'@babel/plugin-syntax-jsx',
          'react-hot-loader/babel',
        ],
      },
    }
  ],
}

In this case you can compile to ES5. More about typescript and react-hot-loader

We also have a full example running TypeScript + React Hot Loader.

Parcel

Parcel supports Hot Module Reloading out of the box, just follow step 1 and 2 of Getting Started.

We also have a full example running Parcel + React Hot Loader.

Electron

You need something to mark your modules as hot in order to use React Hot Loader.

One way of doing this with Electron is to simply use webpack like any web-based project might do and the general guide above describes. See also this example Electron app.

A webpack-less way of doing it to use electron-compile (which is also used by electron-forge) - see this example. While it requires less configuration, something to keep in mind is that electron-compile's HMR will always reload all modules, regardless of what was actually edited.

Source Maps

If you use devtool: 'source-map' (or its equivalent), source maps will be emitted to hide hot reloading code.

Source maps slow down your project. Use devtool: 'eval' for best build performance.

Hot reloading code is just one line in the beginning and one line at the end of each module so you might not need source maps at all.

Preact

React-hot-loader should work out of the box with preact-compat, but, in case of pure preact, you will need to configure it:

  • create configuration file (setupHotLoader.js)
import reactHotLoader from 'react-hot-loader'
import preact from 'preact'

reactHotLoader.preact(preact)
  • dont forget to import it

Preact limitations

  • HOCs and Decorators as not supported yet. For Preact React-Hot-Loader v4 behave as v3.

React Native

React Native supports hot reloading natively as of version 0.22.

Using React Hot Loader with React Native can cause unexpected issues (see #824) and is not recommended.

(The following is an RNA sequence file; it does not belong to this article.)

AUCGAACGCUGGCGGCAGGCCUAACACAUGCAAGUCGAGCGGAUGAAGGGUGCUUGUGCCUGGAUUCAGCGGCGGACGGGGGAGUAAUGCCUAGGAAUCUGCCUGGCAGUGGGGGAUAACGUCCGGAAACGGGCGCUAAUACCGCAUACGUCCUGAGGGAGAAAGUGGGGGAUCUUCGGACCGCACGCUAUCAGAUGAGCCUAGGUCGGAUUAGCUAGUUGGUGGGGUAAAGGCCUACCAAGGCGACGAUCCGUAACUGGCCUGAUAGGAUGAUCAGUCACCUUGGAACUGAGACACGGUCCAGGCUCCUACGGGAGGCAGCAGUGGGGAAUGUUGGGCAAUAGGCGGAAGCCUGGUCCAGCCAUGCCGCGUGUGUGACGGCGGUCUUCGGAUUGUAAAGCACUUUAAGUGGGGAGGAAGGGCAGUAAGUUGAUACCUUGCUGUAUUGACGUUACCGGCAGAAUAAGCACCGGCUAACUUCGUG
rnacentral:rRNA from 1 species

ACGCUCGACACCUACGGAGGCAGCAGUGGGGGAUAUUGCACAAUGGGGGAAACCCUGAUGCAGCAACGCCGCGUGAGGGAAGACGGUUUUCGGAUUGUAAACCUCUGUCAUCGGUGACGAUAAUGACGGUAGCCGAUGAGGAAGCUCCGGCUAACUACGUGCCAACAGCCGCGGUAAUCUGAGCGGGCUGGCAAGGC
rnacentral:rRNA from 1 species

Code Splitting

If you want to use Code Splitting + React Hot Loader, the simplest solution is to pick one of our compatible library:

If you use a non-yet-friendly library, like react-async-component you have to mark all your "loaded components" as hot-exported:

// AsyncHello.js
import { asyncComponent } from 'react-async-component'

// asyncComponent could not `hot-reload` itself.
const AsyncHello = asyncComponent({
  resolve: () => import('./Hello'),
})

export default AsyncHello
// Hello.js
import { hot } from 'react-hot-loader'

const Hello = () => 'Hello'

export default hot(module)(Hello) // <-- module will reload itself

Checking Element types

Because React Hot Loader creates proxied versions of your components, comparing reference types of elements won't work:

const element = <Component />
console.log(element.type Component) // false

React Hot Loader exposes a function areComponentsEqual to make it possible:

import { areComponentsEqual } from 'react-hot-loader'
const element = <Component />
areComponentsEqual(element.type, Component) // true

Another way - compare "rendered" element type

const element = <Component />
console.log(element.type === <Component />.type) // true

// better - precache rendered type
const element = <Component />
const ComponentType = <Component />.type
console.log(element.type === ComponentType) // true

But you might have to provide all required props. See original issue. This is most reliable way to compare components, but it will not work with required props.

Another way - compare Component name.